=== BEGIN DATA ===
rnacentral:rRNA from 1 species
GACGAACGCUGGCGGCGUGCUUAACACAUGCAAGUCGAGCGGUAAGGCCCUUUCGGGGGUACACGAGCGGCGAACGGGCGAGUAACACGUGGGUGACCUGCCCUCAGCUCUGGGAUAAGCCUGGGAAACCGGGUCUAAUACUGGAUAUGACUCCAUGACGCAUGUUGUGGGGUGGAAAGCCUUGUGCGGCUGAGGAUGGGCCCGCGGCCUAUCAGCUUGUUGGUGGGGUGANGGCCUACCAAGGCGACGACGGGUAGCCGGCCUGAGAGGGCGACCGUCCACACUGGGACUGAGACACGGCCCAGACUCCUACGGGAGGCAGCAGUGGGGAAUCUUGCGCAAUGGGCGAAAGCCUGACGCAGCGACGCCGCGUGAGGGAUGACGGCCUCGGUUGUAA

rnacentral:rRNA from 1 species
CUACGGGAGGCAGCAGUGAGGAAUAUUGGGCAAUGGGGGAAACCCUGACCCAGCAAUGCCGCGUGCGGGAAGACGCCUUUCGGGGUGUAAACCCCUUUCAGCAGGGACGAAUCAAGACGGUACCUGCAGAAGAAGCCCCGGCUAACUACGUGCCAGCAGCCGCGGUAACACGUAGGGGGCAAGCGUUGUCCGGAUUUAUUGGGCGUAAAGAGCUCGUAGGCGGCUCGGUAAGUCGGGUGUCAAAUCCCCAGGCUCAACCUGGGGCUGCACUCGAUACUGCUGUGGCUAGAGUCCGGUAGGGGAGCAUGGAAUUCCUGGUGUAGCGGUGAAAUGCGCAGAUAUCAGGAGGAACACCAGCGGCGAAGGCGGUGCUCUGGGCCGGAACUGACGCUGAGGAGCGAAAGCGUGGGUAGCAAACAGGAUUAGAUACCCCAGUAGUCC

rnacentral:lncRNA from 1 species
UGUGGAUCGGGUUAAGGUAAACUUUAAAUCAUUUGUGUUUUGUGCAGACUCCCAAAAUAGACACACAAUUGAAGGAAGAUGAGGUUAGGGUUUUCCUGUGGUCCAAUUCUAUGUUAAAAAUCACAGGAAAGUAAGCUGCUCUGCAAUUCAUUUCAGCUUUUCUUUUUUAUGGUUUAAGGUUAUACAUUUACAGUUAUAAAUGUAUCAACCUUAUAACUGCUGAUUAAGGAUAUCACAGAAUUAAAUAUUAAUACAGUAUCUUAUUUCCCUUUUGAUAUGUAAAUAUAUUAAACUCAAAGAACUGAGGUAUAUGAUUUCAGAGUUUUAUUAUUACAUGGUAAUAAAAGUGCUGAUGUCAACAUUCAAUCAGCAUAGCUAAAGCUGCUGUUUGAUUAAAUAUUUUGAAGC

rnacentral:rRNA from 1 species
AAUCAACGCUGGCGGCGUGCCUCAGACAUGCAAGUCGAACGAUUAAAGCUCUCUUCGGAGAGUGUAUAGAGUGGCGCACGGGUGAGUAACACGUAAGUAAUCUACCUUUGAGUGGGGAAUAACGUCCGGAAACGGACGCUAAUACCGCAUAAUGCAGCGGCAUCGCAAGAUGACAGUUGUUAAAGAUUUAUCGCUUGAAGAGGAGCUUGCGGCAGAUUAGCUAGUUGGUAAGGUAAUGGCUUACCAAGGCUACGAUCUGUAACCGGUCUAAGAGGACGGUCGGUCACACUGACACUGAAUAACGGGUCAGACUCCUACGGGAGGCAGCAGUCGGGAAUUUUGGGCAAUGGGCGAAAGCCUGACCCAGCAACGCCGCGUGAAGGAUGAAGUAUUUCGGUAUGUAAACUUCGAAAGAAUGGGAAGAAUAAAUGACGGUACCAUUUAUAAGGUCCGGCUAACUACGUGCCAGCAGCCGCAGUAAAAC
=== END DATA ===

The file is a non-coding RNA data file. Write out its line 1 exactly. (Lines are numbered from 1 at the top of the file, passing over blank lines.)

rnacentral:rRNA from 1 species